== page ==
"Linda could literally sing anything," says Dolly Parton, just one of the famous fans offering a reverent word in the new documentary 'Linda Ronstadt: The Sound of My Voice'.
Premiered at the Tribeca Film Festival on the 3rd May, the screening was followed by a tribute set from fellow star and admirer Sheryl Crow, performing some of Ronstadt's best known hits, like her remakes of 'When Will I Be Loved' and 'You're No Good'.
Directed by Rob Epstein and Jeffrey Friedman, both of whom were huge fans as teenagers, the film is based on Linda Ronstadt's 2013 book 'Simple Dreams: A Musical Memoir' which was published after her retirement from music.
Linda Ronstadt was diagnosed with Parkinson's in December 2012, which has rendered her unable to sing as she used to. So in the absence of her voice, the documentary aims to reclaim Ronstadt's rightful position as one of the most gifted vocalists of our time.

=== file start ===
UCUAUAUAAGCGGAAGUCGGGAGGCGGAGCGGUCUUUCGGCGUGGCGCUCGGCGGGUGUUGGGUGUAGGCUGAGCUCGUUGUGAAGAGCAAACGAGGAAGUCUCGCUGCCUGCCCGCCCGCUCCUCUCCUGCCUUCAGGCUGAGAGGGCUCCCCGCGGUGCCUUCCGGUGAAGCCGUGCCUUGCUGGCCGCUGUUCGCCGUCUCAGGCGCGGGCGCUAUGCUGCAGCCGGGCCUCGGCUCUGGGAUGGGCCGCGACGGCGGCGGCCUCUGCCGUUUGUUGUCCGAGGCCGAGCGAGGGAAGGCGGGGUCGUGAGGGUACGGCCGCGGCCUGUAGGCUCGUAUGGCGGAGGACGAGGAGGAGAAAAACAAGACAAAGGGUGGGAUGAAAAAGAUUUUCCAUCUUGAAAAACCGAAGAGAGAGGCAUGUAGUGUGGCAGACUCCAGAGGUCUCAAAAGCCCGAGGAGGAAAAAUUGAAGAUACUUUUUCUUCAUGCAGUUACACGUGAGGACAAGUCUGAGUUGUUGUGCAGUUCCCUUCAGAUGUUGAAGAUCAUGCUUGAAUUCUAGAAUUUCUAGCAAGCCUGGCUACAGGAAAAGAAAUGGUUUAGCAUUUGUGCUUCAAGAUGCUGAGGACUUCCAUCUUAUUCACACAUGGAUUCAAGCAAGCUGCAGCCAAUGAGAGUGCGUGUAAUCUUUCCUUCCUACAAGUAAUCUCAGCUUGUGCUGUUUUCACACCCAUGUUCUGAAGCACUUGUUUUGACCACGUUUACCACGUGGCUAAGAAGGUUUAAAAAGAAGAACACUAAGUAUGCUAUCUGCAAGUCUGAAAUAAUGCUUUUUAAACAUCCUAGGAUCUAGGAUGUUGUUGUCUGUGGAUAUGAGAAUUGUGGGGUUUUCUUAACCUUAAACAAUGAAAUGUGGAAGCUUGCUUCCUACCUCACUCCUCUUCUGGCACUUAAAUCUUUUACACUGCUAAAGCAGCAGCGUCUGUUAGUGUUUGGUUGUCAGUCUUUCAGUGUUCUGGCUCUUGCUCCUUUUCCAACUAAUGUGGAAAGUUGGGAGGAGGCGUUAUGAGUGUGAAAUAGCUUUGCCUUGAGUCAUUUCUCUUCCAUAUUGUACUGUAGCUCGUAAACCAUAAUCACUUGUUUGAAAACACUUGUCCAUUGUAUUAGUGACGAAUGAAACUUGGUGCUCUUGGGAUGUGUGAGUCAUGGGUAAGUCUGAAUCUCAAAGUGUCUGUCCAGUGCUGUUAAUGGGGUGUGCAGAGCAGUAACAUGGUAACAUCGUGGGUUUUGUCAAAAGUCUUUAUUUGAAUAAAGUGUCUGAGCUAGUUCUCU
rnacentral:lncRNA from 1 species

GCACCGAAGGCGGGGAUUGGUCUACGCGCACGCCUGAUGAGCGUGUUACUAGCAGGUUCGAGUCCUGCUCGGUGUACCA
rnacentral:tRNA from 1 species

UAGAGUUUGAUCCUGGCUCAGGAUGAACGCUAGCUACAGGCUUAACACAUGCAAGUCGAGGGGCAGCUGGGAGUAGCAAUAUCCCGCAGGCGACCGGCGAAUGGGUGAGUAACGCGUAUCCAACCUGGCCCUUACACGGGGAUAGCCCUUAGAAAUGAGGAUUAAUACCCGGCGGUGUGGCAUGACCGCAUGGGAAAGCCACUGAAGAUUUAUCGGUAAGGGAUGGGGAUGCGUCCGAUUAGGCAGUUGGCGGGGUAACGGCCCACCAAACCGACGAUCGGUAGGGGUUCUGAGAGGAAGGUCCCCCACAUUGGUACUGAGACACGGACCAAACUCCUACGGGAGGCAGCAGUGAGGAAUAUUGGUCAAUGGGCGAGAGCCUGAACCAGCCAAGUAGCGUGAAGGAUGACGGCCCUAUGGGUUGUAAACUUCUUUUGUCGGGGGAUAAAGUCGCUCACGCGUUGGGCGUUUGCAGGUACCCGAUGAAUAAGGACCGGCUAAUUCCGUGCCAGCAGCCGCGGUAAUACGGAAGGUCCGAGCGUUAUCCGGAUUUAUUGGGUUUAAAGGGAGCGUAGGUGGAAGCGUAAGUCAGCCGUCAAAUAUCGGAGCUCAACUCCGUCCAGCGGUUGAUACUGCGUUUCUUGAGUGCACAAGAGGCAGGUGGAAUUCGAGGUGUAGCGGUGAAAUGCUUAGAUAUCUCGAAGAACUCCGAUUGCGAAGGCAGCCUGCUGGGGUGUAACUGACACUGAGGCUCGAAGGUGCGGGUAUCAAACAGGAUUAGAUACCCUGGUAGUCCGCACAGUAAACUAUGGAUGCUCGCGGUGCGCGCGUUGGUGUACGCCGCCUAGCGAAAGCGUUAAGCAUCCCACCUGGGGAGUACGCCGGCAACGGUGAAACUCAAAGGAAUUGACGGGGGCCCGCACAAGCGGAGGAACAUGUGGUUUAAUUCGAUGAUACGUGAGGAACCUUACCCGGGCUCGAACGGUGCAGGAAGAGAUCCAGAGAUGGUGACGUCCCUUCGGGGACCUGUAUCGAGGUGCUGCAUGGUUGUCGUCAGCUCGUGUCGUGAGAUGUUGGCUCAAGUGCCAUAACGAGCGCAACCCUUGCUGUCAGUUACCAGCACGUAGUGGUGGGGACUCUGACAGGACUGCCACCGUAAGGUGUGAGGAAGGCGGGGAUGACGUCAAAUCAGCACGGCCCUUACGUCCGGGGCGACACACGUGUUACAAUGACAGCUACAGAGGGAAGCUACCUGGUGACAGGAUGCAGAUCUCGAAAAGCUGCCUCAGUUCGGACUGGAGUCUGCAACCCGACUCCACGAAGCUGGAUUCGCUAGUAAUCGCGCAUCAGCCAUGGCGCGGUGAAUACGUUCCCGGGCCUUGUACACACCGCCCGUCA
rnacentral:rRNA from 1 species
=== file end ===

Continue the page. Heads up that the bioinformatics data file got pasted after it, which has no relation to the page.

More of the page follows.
Admirers and collaborators who appear in the film to assess the importance of her work to the pop-rock milieu, and in particular to women in the industry, include Bonnie Raitt, Karla Bonoff, Dolly Parton and Emmylou Harris. Raitt, Harris, Crow and Stevie Nicks are also among those seen performing at Ronstadt’s Hall of Fame induction in 2013 during the film's end credits.
Describing the vocalist's emergence as a solo artist in Los Angeles clubs after her initial sucess with the Stone Poneys, the film goes on to cover Linda's superstardom of the 1970s and her later work. Linda's producer Peter Asher, David Geffen, Cameron Crowe, Jackson Browne, Ry Cooder, Aaron Neville, Don Henley and her former house mate J.D. Souther all give on-screen memories in the film.
Billboard says the film "makes a succinct, powerful case for Ronstadt’s status as a twentieth-century music icon," with Variety saying "The movie is mostly content to be a portrait of Ronstadt the artist, and it’s more than satisfying on that front."